Inlaid cork flooring by Jelinek at entry way.

Other features of the main floor: The welcome mat at the front door is actually an inlaid cork flooring provided by Jelinek. Wood flooring through the rest of the house is Kentwood, FSC engineered oak. Engineered flooring is often used because it behaves more consistently than solid wood, not being susceptible to expansion and contraction.


Halo LED lighting in basement

LED pot lights throughout the house are 4″ Halo, 5Watt lights. When Gary was showing me around the house he asked me what was my favourite feature. I told him the LED potlights (he might have been a little disappointed with my answer). I thought they were 50W halogens because of their light temperature (colour) and brightness. I had no idea they were LEDs. Not only will these lights use 10 times less electricity than their halogen counterparts, they will likely not need to be replaced for 15 to 20 years. Now that’s great lighting.

The pendant lighting in the kitchen and over the dining room table is provided by Eurolite.

Living Room — furniture by Gus* modern, art by AGO

Furniture in living room is provided by Gus* Modern. Pillows are provided by Bev Hisey and are Goodweave certified. Goodweave is a not-for-profit group with the aim of ending child labour in the carpet industry while providing education opportunities for children in South Asia. Second life rugs were provided by Elte.


Cast-iron fireplace by Jotul

The fireplace is provided by Jotul, model F 370 DV. Jotul manufactures this fireplace from recycled iron in one of the cleanest foundries in Europe.


Home office








The desk in the home office was constructed by JM & Sons out of recycled metal and reclaimed wood. Gary explained that the home’s interior is set up so that if someone has a home office, any clients they might receive can stay in the main part of the house. This eastern-facing wall has large windows so that lots of natural daylight can stream in.

All art throughout the house is provided by the Art Gallery of Ontario’s  Rental and Sales department.


Master bathroom, bath tub, sinks and vanities by Wetstyle

The second floor consists of a Master-ensuite with floor to ceiling closets on the end walls providing lots of storage space. The washroom has been outfitted with Wetstyle tub and sinks and vanity. Other storage cupboards also come from Wetstyle.

Faucets and showerheads throughout the house are low-flow from Aquabrass. I should also mention that while all toilets and faucets are low-flow, they’ve also built the house to be grey-water ready. Grey water, water that comes from the shower drains, can be used to feed all toilets in the house, literally helping to reduce your water use in half.


Bunkbed in bedroom #2 by Kolan


Bedroom #3, crib by Oeuf

The two other rooms on the second floor are set up as kids’ rooms, one with a crib, the other a set of bunk beds. These rooms are bright and spacious and putting furniture in the rooms shows that they are big too — there is plenty of play area in both rooms. The kids’ bunk beds  and bookshelf are made by Oeuf out of Baltic birch and eco-MDF and low VOC water-based finishes. The table in this room was made by Heidi Earnshaw, a local artist.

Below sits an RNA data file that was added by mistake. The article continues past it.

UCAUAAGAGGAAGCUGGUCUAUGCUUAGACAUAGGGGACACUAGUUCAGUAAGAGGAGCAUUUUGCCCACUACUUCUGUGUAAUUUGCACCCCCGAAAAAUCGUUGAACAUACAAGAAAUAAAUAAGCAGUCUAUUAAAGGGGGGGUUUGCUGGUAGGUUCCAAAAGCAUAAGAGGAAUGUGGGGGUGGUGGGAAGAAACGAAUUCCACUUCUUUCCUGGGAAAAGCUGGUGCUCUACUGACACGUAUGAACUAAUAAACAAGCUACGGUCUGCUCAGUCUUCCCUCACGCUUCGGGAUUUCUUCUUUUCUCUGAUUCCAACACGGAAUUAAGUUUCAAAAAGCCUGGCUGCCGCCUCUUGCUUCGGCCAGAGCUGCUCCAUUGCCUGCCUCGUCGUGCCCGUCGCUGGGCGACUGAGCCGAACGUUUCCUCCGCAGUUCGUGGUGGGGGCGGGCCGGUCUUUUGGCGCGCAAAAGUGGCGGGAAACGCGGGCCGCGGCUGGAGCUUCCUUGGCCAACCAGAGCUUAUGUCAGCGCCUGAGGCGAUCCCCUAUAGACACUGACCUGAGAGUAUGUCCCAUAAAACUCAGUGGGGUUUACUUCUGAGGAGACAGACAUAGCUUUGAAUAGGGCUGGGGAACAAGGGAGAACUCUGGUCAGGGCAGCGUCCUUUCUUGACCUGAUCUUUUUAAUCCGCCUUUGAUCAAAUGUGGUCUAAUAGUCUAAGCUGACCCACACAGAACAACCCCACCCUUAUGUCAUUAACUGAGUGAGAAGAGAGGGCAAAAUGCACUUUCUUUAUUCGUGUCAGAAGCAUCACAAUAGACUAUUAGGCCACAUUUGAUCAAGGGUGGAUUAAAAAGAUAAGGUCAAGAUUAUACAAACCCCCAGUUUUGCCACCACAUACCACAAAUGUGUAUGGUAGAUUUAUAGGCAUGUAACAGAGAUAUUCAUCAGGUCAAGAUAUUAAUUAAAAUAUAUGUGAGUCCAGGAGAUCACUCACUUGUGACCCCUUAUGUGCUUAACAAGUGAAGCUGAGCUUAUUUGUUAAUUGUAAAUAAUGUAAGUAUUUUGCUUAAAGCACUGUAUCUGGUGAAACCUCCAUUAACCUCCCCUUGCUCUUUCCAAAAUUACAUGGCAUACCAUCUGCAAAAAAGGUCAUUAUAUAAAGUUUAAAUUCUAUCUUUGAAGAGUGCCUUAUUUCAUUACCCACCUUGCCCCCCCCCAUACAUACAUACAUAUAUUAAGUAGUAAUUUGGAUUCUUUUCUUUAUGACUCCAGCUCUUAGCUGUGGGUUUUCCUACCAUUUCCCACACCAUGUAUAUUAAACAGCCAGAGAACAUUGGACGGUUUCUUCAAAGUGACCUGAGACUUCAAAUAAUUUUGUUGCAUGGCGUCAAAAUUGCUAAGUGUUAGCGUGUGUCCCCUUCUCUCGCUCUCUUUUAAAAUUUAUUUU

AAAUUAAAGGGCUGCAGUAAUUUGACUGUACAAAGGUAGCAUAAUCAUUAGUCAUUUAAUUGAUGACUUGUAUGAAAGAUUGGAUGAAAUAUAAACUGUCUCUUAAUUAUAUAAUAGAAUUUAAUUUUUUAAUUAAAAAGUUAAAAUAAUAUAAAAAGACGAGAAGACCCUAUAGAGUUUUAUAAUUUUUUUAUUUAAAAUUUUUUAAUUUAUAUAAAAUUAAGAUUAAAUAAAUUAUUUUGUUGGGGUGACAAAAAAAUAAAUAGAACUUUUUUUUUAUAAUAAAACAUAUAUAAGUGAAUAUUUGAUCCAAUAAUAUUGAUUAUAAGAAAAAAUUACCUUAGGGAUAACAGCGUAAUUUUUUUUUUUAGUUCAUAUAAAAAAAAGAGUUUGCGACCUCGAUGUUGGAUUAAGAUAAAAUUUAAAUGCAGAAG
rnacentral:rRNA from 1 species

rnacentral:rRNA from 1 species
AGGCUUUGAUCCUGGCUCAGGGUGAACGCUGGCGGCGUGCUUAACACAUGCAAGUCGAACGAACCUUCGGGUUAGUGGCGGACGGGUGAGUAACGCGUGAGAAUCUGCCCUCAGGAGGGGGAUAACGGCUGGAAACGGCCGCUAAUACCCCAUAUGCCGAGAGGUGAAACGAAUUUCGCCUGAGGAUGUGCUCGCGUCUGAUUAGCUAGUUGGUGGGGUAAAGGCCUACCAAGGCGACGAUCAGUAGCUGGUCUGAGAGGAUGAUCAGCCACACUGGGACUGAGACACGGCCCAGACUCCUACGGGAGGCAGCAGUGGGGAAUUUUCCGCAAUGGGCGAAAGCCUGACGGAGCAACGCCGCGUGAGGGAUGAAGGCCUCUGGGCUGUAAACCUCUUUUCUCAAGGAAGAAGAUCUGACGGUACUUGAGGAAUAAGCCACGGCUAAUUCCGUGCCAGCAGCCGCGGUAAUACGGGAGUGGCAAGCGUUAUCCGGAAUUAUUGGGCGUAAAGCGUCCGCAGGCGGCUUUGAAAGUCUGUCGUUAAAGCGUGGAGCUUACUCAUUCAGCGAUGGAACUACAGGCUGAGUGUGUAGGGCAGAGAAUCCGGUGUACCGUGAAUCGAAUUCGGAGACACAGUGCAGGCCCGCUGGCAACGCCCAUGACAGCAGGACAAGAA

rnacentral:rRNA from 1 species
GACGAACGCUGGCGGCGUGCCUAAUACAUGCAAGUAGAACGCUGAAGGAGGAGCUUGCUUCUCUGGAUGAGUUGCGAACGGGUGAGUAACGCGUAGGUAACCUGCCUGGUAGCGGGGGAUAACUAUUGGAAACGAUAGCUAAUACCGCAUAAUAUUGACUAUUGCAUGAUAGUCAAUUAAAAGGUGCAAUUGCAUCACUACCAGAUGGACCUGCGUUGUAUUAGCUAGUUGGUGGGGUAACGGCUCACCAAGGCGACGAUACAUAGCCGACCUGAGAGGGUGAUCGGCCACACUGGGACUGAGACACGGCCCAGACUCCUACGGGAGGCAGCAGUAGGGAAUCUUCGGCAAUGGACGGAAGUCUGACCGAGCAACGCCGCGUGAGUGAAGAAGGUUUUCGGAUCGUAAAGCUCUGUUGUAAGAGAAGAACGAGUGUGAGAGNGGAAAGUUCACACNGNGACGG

The crib and dresser are made by Kalon from FSC domestic maple and low VOC food grade dyes and stains.

The paint throughout the house is white, zero VOC provided by PARA paints.

What you notice when you walk through this house is not only is it a great example of a green-designed beautiful contemporary house, but also there is an absense of “new home smell” — ie., no smell of chemicals off-gassing into the air. Neither the products that were used to construct the house nor the furniture installed for modelling the home contain toxic chemicals providing a comfortable healthy indoor air environment.

If you’re at all interested in modern, low impact homes, take a look at this one. It will be available for sale at some point, right now it serves as the model home for three others to be built down the same laneway.

For more information on the home, visit the Nexterra website.

For more pictures of the home, visit BEC Green’s Facebook page.


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Polytrazzo — 80% recycled material, 12% rapidly renewable material

January 12th, 2011

I came across this counter top/flooring product last month that looks interesting. Its product, Polytrazzo is similar to the other recycled-glass products like Vertrazzo and IceStone, but it’s made in Canada. At the moment it’s made in Vancouver, but following an email exchange with Dan Stubbs, the Director of Sales and Marketing for Polytrazzo, their ultimate goal is to be able to manufacture this product in various locations across Canada.

Polytrazzo’s originated from eurocrete(.com), a similar product designed for industrial flooring in the food manufacturing business, so you know, that if it’s good enough for an industrial food manufacturing facility, it has to be a pretty resilient material.  It was a simple switch to to recycled material when developing this new product that made it perfect for the commercial/residential market.